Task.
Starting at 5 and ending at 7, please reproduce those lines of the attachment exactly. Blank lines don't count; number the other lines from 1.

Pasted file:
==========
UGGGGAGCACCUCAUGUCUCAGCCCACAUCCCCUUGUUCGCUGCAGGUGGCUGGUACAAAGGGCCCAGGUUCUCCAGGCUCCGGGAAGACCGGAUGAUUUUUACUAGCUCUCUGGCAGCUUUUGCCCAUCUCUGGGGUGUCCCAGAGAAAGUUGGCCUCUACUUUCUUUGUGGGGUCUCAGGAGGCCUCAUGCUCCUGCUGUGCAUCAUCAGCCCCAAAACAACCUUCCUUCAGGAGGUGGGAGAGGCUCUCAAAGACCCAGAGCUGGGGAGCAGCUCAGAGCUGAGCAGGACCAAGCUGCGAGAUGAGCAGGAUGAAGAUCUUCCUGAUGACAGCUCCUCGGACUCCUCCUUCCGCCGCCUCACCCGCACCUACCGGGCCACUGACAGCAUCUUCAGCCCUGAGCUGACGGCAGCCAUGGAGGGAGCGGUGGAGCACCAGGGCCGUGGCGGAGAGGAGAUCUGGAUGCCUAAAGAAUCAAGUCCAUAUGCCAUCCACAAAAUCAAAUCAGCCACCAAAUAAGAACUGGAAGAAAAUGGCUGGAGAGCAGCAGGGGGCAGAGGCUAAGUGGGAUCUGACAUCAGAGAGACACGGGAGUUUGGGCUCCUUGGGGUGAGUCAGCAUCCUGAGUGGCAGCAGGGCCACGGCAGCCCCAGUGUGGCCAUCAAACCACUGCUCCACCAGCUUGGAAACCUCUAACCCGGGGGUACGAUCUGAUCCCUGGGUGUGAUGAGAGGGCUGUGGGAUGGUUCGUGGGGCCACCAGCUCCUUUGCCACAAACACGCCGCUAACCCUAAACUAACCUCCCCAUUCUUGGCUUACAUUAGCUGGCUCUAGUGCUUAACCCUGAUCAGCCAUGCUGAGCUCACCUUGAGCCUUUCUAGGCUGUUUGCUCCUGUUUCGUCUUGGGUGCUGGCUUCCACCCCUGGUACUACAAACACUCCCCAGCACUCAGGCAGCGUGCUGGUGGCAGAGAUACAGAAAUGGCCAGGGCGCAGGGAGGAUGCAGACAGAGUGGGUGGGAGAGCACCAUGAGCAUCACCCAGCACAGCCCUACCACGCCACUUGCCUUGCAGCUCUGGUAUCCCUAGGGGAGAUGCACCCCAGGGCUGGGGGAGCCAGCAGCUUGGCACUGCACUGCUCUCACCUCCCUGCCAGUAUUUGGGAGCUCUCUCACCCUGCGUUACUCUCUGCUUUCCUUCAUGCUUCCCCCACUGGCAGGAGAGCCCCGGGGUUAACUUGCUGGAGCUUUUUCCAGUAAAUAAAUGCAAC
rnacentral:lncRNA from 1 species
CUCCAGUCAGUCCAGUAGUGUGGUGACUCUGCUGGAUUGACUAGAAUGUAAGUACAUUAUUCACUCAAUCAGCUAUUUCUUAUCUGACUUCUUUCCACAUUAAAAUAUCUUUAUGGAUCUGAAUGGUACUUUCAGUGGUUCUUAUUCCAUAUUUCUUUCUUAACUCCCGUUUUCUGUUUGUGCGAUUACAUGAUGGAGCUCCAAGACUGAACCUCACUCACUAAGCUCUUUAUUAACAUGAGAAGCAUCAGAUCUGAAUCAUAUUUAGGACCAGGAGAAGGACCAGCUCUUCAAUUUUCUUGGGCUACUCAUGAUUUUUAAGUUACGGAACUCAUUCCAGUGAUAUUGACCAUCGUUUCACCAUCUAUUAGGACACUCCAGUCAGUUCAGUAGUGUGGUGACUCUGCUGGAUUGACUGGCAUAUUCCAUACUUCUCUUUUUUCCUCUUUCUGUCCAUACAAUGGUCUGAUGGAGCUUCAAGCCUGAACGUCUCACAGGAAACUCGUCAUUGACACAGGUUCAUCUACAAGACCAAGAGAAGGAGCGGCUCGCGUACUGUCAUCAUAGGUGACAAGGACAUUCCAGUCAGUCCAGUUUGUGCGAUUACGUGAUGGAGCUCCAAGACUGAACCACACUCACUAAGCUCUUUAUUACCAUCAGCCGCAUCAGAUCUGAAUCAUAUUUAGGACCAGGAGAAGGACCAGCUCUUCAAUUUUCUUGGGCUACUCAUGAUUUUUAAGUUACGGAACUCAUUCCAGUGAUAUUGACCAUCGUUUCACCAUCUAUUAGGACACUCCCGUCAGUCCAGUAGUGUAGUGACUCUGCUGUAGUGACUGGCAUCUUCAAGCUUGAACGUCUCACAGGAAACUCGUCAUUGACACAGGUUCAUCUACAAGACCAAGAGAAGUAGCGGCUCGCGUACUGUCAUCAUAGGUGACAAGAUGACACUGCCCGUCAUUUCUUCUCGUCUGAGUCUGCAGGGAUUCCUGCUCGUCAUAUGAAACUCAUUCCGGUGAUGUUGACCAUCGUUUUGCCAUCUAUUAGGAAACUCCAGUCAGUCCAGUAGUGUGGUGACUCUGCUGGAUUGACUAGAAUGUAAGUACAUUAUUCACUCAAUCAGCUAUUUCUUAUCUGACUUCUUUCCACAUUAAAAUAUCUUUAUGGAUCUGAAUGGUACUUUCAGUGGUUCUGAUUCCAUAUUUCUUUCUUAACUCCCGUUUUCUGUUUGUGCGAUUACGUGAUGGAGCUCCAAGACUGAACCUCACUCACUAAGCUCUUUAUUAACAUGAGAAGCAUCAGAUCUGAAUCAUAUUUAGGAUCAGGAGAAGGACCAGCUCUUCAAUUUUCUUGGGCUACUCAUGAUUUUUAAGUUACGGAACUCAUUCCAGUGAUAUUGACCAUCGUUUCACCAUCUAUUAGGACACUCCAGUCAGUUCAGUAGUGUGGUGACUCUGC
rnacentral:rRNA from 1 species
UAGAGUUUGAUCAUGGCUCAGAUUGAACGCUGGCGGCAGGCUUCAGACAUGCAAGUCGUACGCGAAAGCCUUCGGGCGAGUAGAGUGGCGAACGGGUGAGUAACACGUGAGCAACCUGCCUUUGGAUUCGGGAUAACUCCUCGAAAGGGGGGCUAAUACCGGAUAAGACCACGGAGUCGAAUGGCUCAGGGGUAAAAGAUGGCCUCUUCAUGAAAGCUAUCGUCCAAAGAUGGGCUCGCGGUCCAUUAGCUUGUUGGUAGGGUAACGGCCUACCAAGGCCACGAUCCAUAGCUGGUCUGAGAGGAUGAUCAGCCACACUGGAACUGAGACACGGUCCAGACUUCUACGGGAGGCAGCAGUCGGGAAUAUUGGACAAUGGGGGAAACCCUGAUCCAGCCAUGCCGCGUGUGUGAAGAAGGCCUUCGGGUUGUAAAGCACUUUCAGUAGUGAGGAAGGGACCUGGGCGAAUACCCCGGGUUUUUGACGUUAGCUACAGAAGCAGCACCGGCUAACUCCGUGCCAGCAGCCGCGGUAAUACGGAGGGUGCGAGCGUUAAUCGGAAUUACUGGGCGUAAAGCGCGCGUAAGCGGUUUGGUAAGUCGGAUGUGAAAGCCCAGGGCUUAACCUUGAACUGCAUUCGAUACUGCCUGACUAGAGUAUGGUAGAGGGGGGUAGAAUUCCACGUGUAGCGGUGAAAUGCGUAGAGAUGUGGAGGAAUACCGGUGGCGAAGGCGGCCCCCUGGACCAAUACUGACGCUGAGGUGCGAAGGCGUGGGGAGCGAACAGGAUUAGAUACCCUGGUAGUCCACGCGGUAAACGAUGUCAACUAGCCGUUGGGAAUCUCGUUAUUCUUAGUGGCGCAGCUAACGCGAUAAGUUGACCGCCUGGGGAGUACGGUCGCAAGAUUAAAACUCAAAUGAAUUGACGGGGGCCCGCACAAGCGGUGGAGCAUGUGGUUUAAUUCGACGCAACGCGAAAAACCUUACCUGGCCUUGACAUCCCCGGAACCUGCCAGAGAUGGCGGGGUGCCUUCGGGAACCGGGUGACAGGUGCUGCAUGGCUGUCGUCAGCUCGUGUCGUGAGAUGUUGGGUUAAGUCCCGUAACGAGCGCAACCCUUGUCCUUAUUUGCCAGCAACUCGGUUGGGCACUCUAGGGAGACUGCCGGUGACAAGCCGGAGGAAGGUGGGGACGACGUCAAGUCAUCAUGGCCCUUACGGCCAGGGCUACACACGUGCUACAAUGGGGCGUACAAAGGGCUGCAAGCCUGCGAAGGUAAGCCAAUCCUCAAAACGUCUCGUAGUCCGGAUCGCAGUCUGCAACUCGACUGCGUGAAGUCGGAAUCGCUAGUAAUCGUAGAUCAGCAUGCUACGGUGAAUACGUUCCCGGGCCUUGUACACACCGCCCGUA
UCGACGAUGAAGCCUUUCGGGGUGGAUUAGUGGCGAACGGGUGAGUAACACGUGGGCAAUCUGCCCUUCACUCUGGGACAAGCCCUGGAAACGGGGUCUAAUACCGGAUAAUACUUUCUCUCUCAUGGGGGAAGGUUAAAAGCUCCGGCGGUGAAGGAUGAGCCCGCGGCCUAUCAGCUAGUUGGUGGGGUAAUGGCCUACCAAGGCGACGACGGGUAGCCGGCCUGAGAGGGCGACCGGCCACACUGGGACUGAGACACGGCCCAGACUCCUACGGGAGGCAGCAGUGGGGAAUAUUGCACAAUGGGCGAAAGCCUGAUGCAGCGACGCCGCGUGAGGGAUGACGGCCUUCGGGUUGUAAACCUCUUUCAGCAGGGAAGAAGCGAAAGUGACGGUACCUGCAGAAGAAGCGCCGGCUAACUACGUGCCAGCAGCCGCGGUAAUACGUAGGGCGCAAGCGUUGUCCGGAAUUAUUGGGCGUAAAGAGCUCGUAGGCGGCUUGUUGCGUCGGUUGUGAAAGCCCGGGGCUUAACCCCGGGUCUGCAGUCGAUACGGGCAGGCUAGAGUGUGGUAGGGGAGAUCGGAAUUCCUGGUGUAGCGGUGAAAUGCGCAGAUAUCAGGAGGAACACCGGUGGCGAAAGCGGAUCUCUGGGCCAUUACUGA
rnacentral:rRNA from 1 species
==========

UAGAGUUUGAUCAUGGCUCAGAUUGAACGCUGGCGGCAGGCUUCAGACAUGCAAGUCGUACGCGAAAGCCUUCGGGCGAGUAGAGUGGCGAACGGGUGAGUAACACGUGAGCAACCUGCCUUUGGAUUCGGGAUAACUCCUCGAAAGGGGGGCUAAUACCGGAUAAGACCACGGAGUCGAAUGGCUCAGGGGUAAAAGAUGGCCUCUUCAUGAAAGCUAUCGUCCAAAGAUGGGCUCGCGGUCCAUUAGCUUGUUGGUAGGGUAACGGCCUACCAAGGCCACGAUCCAUAGCUGGUCUGAGAGGAUGAUCAGCCACACUGGAACUGAGACACGGUCCAGACUUCUACGGGAGGCAGCAGUCGGGAAUAUUGGACAAUGGGGGAAACCCUGAUCCAGCCAUGCCGCGUGUGUGAAGAAGGCCUUCGGGUUGUAAAGCACUUUCAGUAGUGAGGAAGGGACCUGGGCGAAUACCCCGGGUUUUUGACGUUAGCUACAGAAGCAGCACCGGCUAACUCCGUGCCAGCAGCCGCGGUAAUACGGAGGGUGCGAGCGUUAAUCGGAAUUACUGGGCGUAAAGCGCGCGUAAGCGGUUUGGUAAGUCGGAUGUGAAAGCCCAGGGCUUAACCUUGAACUGCAUUCGAUACUGCCUGACUAGAGUAUGGUAGAGGGGGGUAGAAUUCCACGUGUAGCGGUGAAAUGCGUAGAGAUGUGGAGGAAUACCGGUGGCGAAGGCGGCCCCCUGGACCAAUACUGACGCUGAGGUGCGAAGGCGUGGGGAGCGAACAGGAUUAGAUACCCUGGUAGUCCACGCGGUAAACGAUGUCAACUAGCCGUUGGGAAUCUCGUUAUUCUUAGUGGCGCAGCUAACGCGAUAAGUUGACCGCCUGGGGAGUACGGUCGCAAGAUUAAAACUCAAAUGAAUUGACGGGGGCCCGCACAAGCGGUGGAGCAUGUGGUUUAAUUCGACGCAACGCGAAAAACCUUACCUGGCCUUGACAUCCCCGGAACCUGCCAGAGAUGGCGGGGUGCCUUCGGGAACCGGGUGACAGGUGCUGCAUGGCUGUCGUCAGCUCGUGUCGUGAGAUGUUGGGUUAAGUCCCGUAACGAGCGCAACCCUUGUCCUUAUUUGCCAGCAACUCGGUUGGGCACUCUAGGGAGACUGCCGGUGACAAGCCGGAGGAAGGUGGGGACGACGUCAAGUCAUCAUGGCCCUUACGGCCAGGGCUACACACGUGCUACAAUGGGGCGUACAAAGGGCUGCAAGCCUGCGAAGGUAAGCCAAUCCUCAAAACGUCUCGUAGUCCGGAUCGCAGUCUGCAACUCGACUGCGUGAAGUCGGAAUCGCUAGUAAUCGUAGAUCAGCAUGCUACGGUGAAUACGUUCCCGGGCCUUGUACACACCGCCCGUA
UCGACGAUGAAGCCUUUCGGGGUGGAUUAGUGGCGAACGGGUGAGUAACACGUGGGCAAUCUGCCCUUCACUCUGGGACAAGCCCUGGAAACGGGGUCUAAUACCGGAUAAUACUUUCUCUCUCAUGGGGGAAGGUUAAAAGCUCCGGCGGUGAAGGAUGAGCCCGCGGCCUAUCAGCUAGUUGGUGGGGUAAUGGCCUACCAAGGCGACGACGGGUAGCCGGCCUGAGAGGGCGACCGGCCACACUGGGACUGAGACACGGCCCAGACUCCUACGGGAGGCAGCAGUGGGGAAUAUUGCACAAUGGGCGAAAGCCUGAUGCAGCGACGCCGCGUGAGGGAUGACGGCCUUCGGGUUGUAAACCUCUUUCAGCAGGGAAGAAGCGAAAGUGACGGUACCUGCAGAAGAAGCGCCGGCUAACUACGUGCCAGCAGCCGCGGUAAUACGUAGGGCGCAAGCGUUGUCCGGAAUUAUUGGGCGUAAAGAGCUCGUAGGCGGCUUGUUGCGUCGGUUGUGAAAGCCCGGGGCUUAACCCCGGGUCUGCAGUCGAUACGGGCAGGCUAGAGUGUGGUAGGGGAGAUCGGAAUUCCUGGUGUAGCGGUGAAAUGCGCAGAUAUCAGGAGGAACACCGGUGGCGAAAGCGGAUCUCUGGGCCAUUACUGA
rnacentral:rRNA from 1 species